Students, Faculty Respond to Discrimination Allegations within Oberlin STEM


Madison Olsen

Students in STEM departments have reacted over the last few weeks to accusations of racism and discrimination within the departments.

Two weeks ago, the Biochemistry Department hosted a listening session to allow students to share concerns about diversity and inclusion within the department. The meeting came after an opinions piece published in the Review elicited a strong reaction from students, faculty, and alumni. 

In the original article, College fourth-year Ritesh Isuri discussed their experiences with racial and gender-based discrimination in the Biochemistry and Physics departments. According to Isuri, they have received over 300 messages from students and alumni who resonated with their story.

“I think one thing that was really surprising to me is the sheer amount of emails,” Isuri said. “I’ve got messages and texts as responses from students. [Students and alumni] have been telling me I’m not the only one; they’re also having issues like that. And they did share a few personal stories with me. It’s just insane to think 300 students have reached out about these things and that so many of them are alumni. So how long has this been going on?” 

Howard Hughes Medical Institute STEM Fellow Marcus Hill, OC ’19, held the listening session to learn more about students’ concerns. HHMI is a grant program at Oberlin College committed to addressing inequity in the sciences. 

“There were stories of students who felt like they had experienced a microaggression at best or something more severe at worst wanting to see change,” Hill said. “I think so much of that problem exists because of the boundaries and the communication that we have.”

After the listening session, Hill developed ideas that he could bring to faculty to enhance discussions around equity in the department. He plans to meet with the faculty to share student concerns and encourage faculty to incorporate discussions of inclusivity inside the classroom. 

In addition to eliciting responses from students, Isuri’s op-ed also garnered the attention of faculty. Some were surprised when they read the article because they were unaware of the discriminatory treatment within Oberlin academic departments. 

“I’m really close to my professors, which is why they were shocked when I told them about these things,” Isuri said. “They were like, ‘Oh, I’m close to you. I did not know you had to go through all these things at Oberlin.’ It is insane, but I am not alone, this happens to everybody — to everybody who looks like me. Although I was disappointed with the initial surprise, I just think they needed the time to process it. And now what I’m seeing is they are willing to take actions. I’m happy about that.”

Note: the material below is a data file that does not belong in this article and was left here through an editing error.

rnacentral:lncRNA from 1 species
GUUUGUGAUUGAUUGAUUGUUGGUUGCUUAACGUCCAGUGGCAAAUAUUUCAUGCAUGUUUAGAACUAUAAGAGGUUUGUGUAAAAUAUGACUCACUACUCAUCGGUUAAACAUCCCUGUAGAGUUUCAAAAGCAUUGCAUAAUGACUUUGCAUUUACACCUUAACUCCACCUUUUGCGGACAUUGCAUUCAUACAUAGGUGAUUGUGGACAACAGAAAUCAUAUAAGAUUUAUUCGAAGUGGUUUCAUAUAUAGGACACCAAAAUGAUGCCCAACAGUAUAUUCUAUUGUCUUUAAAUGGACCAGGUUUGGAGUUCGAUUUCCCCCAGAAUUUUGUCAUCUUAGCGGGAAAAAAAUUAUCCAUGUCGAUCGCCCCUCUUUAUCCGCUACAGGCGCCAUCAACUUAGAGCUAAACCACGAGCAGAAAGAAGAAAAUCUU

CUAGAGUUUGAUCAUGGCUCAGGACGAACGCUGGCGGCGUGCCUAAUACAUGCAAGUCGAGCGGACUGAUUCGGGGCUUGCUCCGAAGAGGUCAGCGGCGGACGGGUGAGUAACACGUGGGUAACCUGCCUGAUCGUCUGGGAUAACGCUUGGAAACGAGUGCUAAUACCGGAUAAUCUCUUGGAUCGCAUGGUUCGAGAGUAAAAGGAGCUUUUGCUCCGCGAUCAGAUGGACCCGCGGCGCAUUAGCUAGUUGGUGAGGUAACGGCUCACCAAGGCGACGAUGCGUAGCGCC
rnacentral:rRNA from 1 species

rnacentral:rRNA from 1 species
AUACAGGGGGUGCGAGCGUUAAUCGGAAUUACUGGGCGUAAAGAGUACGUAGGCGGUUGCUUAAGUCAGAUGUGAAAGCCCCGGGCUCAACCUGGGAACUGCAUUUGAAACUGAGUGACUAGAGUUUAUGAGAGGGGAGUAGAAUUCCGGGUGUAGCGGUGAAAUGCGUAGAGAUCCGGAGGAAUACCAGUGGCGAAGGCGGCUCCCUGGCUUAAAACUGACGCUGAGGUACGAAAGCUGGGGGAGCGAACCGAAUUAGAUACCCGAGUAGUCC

After digesting this information, faculty have committed to making changes to ensure that the Biochemistry department is more inclusive — including changes that specifically respond to the concerns voiced by international students. 

“We never want to see students in bad situations,” said Associate Professor and Chair of Chemistry and Biochemistry and HHMI Program Director Jason Belitsky. “I think everyone on the faculty responded in that way; we wanted to do whatever we can to make the department as welcoming and inclusive as possible and avoid any negative situations that have happened in the past or are still happening.”

The Biochemistry department has promised to expand research opportunities, review departmental awards, and bolster general support for international students. The department is also planning an alumni listening session with the hope that former students will feel more comfortable speaking to faculty about problems in the department. 

Other STEM departments are also examining their practices. This past year, three departments have established Departmental Action and Reflection Teams, an HHMI process aimed at improving inclusivity in STEM. Next year, another four departments will assemble DARTs, including Biochemistry. 

Hill hopes that DART will give departments more tools to have these kinds of conversations next year. Departments that went through the DART process this year were able to enact changes to improve inclusivity — for example, Geology strengthened the student representatives’ role in the department and instituted a more democratic process for their election.